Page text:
What/why: I’ve tried to think of ideas for the final project since the beginning of the semester. I don’t have a business or a niche hobby that could benefit from my new skill set. So I thought, do what you do best and that’s talk (write). For my final project, I would like to create a site that’s an extension of myself. A blog where I flesh out my thoughts, conspiracy theories, latest hashtags and news of the day. Basically, my finsta in website form entitled, What Is Kyra Even Talking About?, something people around me say on a daily basis. I think this will be a cool way to create a form of content that’s new to me.
This time last year Kristen Kagei, sat in her pajamas on her kitchen, in the middle of the day, covered from head to toe in flour. She cried as she attempted to bake cookies to comfort herself from being let go from her job, one that she had started just months earlier. Unsure what she was going to do, Kristen dodged calls from her parents because she knew for certain she didn’t want to return to home to Tokyo, not yet at least. Desperate to find something, Kristen began a 24-hour job hunt, and in the middle of the night she thought to herself “coding.” Fast forward a year later, and Kristen Kagei is currently a junior web developer at National Public Radio (NPR) located in Washington, D.C.
Kagei’s journey into web development is an unconventional one and not the one she set out on when she traveled to the United States for school. Born and raised in Tokyo by her Japanese father and American mother, she left the only home she knew in 2009 when she enrolled in Georgetown University to study linguistics. Upon the completion of her degree, she thought she would travel the world, possibly teach in another country—the possibilities were endless. Infatuated with D.C., she decided to stay here and see what the city had to offer.
In August 2017, Kagei was let go from her job when the market research company she was working for was acquired during a merger. At the research company her desk was positioned next to the web development team and she was often intrigued by their work, citing their multiple monitors of “colorful gibberish” as what sparked her interest at first. Thinking that coding could be her next move, Kagei enrolled in coding school to learn as much as she could about the subject. She describes coding school as “the most grueling process of my life.”
Since Kagei entered coding school with no working knowledge or computer science background, she would look at the coursework and compare it to things in life she was familiar with. She often compared the systemic process of coding to the processes in the restaurant industry, an industry she worked in before. Viewing the customer’s order as the desired webpage action and the kitchen as the back-end frame. Kagei also came to understand coding as a method of solving problems mathematically. When trying to grasp new concepts she would ask herself, “How do people solve problems? How can they do that with technology?”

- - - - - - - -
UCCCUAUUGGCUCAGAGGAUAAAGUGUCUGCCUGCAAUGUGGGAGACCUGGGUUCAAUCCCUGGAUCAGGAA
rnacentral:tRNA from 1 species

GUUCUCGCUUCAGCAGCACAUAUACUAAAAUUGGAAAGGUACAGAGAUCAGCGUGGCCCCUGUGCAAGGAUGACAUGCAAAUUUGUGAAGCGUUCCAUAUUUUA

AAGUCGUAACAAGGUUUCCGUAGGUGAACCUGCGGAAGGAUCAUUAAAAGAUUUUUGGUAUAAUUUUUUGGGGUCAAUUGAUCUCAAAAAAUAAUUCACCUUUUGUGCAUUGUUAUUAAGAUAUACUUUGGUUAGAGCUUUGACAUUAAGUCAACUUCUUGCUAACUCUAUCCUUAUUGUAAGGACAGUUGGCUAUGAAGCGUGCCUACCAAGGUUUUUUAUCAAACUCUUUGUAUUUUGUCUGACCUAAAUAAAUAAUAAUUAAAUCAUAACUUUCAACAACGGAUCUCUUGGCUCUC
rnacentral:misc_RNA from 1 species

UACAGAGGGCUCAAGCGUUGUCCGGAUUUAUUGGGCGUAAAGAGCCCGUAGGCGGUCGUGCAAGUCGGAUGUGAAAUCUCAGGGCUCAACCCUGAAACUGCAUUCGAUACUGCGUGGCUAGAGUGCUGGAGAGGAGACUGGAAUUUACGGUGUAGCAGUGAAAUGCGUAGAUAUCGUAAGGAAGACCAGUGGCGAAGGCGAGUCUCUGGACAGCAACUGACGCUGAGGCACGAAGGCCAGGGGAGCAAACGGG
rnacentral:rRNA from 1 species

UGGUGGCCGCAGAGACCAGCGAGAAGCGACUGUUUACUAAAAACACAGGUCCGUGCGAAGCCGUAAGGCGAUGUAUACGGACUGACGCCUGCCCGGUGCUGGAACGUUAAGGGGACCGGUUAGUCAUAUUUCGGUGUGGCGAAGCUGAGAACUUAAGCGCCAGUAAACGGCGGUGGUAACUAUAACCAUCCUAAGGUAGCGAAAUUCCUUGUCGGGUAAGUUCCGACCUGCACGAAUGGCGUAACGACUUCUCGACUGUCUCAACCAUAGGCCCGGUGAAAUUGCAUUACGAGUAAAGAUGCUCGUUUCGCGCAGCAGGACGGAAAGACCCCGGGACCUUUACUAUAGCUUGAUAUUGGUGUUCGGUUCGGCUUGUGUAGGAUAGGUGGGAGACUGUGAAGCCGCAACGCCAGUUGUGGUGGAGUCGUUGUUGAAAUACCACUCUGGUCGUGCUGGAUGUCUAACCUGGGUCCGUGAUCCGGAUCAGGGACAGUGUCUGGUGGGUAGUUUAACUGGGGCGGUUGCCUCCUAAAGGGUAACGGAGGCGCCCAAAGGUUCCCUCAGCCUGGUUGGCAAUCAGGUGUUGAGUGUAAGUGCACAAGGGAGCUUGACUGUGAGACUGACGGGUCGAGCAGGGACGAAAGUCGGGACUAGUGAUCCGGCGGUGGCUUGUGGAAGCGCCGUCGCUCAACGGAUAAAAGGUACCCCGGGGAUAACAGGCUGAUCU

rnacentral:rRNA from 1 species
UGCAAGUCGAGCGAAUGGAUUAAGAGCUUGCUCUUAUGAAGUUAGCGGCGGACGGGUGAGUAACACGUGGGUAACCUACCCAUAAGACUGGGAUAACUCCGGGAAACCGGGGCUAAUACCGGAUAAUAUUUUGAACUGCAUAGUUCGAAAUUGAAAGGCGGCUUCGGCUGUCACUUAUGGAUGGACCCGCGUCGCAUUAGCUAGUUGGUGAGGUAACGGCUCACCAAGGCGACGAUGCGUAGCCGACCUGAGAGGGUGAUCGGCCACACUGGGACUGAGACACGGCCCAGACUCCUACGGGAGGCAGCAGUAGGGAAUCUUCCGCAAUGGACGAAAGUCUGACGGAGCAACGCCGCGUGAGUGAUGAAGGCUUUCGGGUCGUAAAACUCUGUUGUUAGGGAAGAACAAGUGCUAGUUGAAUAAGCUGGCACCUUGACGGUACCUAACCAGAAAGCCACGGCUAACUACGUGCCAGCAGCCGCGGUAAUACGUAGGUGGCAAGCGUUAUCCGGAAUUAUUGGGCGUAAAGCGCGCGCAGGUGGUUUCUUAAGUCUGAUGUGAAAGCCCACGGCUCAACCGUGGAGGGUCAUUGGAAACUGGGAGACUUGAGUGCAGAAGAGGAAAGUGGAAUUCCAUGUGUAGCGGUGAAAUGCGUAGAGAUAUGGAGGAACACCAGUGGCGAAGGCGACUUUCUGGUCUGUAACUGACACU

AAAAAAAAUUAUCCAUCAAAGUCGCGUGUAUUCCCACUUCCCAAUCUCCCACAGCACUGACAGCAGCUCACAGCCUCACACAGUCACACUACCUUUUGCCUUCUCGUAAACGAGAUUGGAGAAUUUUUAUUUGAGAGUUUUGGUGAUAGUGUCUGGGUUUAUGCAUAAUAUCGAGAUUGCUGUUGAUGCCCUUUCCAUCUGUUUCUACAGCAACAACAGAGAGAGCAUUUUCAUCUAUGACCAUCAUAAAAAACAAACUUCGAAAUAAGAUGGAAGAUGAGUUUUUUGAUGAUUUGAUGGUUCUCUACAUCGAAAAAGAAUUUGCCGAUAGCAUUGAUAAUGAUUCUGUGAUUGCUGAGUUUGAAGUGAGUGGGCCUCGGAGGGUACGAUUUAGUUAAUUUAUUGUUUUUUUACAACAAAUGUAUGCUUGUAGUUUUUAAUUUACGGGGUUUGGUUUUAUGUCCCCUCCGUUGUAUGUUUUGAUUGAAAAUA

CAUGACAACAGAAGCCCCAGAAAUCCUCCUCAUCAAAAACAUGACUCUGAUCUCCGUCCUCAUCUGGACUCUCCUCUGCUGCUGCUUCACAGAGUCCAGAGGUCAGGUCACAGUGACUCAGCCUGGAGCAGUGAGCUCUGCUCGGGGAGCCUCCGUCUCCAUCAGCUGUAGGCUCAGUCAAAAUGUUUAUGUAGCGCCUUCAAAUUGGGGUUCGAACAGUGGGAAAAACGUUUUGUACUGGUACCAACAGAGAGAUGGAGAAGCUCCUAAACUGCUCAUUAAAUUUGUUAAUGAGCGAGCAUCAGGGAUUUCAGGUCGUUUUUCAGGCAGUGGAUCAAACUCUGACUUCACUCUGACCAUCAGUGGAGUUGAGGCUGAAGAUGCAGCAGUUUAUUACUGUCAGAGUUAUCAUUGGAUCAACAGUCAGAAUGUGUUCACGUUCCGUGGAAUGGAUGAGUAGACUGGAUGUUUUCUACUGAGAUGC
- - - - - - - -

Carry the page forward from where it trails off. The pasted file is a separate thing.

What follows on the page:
Upon completion of coding school, Kagei began a web development internship at NPR, working with their podcasts, community of radio station and apps. She worked on projects that made sure their products were accessible. This included developing bypass mechanisms within the app for users with limited or reduced mobility. She accomplished this by creating menu options that allow users to skip ahead, instead of having the entire page read to them.
At the end of her internship, Kagei was brought on to the development team full time as a junior developer, which involves working on emerging platforms. She described her new role as finding ways “to sync the information [content] with the new technology.” One of the platforms she works closely with is their new app, NPR One. NPR One is described as a constantly evolving platform that allows listeners “a whole new way to listen to stories, shows, and podcasts.”
Each day she asks herself, “How do you get people the news they want?” Kagei’s job is to work on NPR One and introduce its content to new platforms like Fire TV and Amazon’s Echo. Platforms like these allow the audience to engage and consume their favorite outlets in ways like never before. Kagei works to ensure that their user experience is the same regardless how it’s accessed: their website, app or an outside interface.
Kagei says working on code that someone else has written is one of the hardest parts of her job. Often she finds herself trying to manipulate long chunks of code without breaking it, but making it do what she wants.
Although she has had great success thus far in her career, Kagei still views herself as a beginner with a lot to learn. For example, she still spends some days learning code or tools of the trade to make sure she is up on all the latest things.
A year into her new career, Kagei is enjoying herself. She appreciates the flexibility she has to work in any industry and values her role in a large media company where she feels she can contribute to “a bigger cause.” She hopes from her story that others learn that they’re capable of anything and there is an “infinite amount of possibilities among these ones and zeros.”